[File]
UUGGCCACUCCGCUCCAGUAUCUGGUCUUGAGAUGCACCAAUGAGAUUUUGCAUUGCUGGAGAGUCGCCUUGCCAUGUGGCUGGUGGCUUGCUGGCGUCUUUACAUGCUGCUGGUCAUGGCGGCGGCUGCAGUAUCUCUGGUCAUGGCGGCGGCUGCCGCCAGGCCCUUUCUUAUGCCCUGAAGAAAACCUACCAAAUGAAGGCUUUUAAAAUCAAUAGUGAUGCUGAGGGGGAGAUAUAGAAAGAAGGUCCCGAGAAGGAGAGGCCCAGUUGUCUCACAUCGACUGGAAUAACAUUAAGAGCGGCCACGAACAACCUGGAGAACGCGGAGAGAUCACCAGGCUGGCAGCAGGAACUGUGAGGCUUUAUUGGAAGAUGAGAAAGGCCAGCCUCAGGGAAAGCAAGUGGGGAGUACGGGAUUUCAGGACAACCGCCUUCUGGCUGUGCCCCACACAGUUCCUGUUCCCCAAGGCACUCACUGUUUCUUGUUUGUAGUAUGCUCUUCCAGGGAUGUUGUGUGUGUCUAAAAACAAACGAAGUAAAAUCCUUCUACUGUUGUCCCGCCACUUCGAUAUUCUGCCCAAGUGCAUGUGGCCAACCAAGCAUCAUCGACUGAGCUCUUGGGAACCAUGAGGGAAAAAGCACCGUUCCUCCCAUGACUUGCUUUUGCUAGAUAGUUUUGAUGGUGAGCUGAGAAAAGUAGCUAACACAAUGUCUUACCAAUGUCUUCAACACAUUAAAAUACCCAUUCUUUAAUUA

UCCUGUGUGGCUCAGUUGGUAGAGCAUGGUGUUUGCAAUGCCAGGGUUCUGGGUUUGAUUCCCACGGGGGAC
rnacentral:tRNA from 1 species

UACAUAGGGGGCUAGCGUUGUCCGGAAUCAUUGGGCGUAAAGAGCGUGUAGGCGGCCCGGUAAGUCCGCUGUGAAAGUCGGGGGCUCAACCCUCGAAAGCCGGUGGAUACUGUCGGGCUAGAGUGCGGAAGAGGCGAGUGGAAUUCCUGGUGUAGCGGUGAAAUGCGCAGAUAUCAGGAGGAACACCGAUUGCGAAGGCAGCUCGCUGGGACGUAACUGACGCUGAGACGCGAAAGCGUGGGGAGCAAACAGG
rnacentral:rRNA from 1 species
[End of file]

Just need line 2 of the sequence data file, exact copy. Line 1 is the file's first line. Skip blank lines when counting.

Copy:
UCCUGUGUGGCUCAGUUGGUAGAGCAUGGUGUUUGCAAUGCCAGGGUUCUGGGUUUGAUUCCCACGGGGGAC